It can be seen from Figure 6 that when 20 mL 0.1 M sulfide solution is titrated with 0.1 M zinc ion solution, the equivalent volume of zinc ion solution should be about 20 mL and is indeed 20 mL. However, when the 20 mL 0.1 M zinc ion solution is titrated with 0.1 M sulfide solution the equivalent volume of sulfide is about 19 mL. This phenomenon may be expressed as that when zinc ion solution is titrated with sulfide ion solution, the equivalent volume corresponds to the surface state of 5 in Figure 5. After the excess zinc ions in solution is consumed by forming bulk zinc sulfide and zinc rich zinc sulfide surfaces, the addition of sulfide ions induces the quick increase of hydroxide in solution and sudden jump of the pH value.
Determination of surface proton binding site
Here Hs, Had and Hex denote surface proton binding site, total added proton and excess proton respectively. The Hex can be determined by Ve of acid-base titration.
Zeta potential measurements
In the process of inorganic synthesis of nanoparticles, employing template such as xanthate [31–33] may be needed in order to obtain ideal products. The interaction of template with solid surface and transformation of precursor into metal sulfide nanoparticles are necessary steps. The surface stoichiometry and sorption properties of zinc sulfide shall directly influence the quality of final nanoparticle products, which dictates the releasing rate of metal ions from metal xanthate precursors. Therefore the studies of the surface fundamental properties will help to understand relevant process regarding inorganic synthesis and to elucidate the mechanisms so as to optimize the synthesis process.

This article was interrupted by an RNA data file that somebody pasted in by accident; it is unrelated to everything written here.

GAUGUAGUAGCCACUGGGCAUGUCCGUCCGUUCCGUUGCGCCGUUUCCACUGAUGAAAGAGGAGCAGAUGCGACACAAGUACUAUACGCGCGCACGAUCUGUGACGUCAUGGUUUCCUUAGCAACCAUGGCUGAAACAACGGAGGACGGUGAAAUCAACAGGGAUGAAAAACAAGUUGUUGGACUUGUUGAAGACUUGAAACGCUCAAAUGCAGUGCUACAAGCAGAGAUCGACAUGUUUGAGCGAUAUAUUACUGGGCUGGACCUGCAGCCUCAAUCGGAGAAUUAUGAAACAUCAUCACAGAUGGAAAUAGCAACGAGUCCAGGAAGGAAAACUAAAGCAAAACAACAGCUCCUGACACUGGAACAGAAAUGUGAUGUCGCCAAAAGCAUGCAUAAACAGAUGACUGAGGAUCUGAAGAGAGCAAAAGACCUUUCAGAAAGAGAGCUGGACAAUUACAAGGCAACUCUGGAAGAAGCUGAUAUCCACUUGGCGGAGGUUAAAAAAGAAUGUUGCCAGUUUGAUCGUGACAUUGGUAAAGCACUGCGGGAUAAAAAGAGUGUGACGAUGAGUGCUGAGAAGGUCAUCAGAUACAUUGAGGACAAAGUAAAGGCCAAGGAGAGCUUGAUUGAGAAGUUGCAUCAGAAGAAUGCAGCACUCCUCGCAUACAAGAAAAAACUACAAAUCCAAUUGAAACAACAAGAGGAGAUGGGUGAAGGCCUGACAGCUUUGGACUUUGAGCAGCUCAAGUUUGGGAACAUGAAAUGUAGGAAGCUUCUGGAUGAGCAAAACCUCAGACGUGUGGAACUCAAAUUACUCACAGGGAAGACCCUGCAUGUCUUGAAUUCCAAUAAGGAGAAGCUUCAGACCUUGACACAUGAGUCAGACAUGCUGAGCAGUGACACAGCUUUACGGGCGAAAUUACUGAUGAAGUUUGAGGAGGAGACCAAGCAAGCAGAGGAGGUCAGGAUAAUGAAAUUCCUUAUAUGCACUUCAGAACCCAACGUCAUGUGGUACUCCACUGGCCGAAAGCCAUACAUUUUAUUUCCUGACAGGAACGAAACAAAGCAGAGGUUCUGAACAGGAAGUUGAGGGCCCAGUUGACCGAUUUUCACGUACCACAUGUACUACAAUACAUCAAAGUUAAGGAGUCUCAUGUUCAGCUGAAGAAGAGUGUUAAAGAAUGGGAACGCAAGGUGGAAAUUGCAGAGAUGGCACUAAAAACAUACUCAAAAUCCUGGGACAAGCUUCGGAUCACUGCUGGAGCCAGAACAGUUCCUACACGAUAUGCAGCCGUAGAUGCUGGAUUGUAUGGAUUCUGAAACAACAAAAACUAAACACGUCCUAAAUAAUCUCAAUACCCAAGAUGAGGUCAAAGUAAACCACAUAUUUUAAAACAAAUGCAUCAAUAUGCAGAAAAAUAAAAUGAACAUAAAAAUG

Zinc nitrate, sodium sulfide, sodium hydroxide, potassium hydroxide, hydrochloric acid, sodium nitrate, carbon disulfide, acetone, petroleum ether, ethanol, octanol and ethyl xanthate are all analytical grades and were purchased from Sinopharm Chemical Reagent Co., Ltd. Octyl xanthate were synthesized using carbon disulfide, octanol and potassium hydroxide as source materials and recrystallized three times using acetone and petroleum ether to get enough purity (> 99%). Doubly distilled water was used throughout entire study.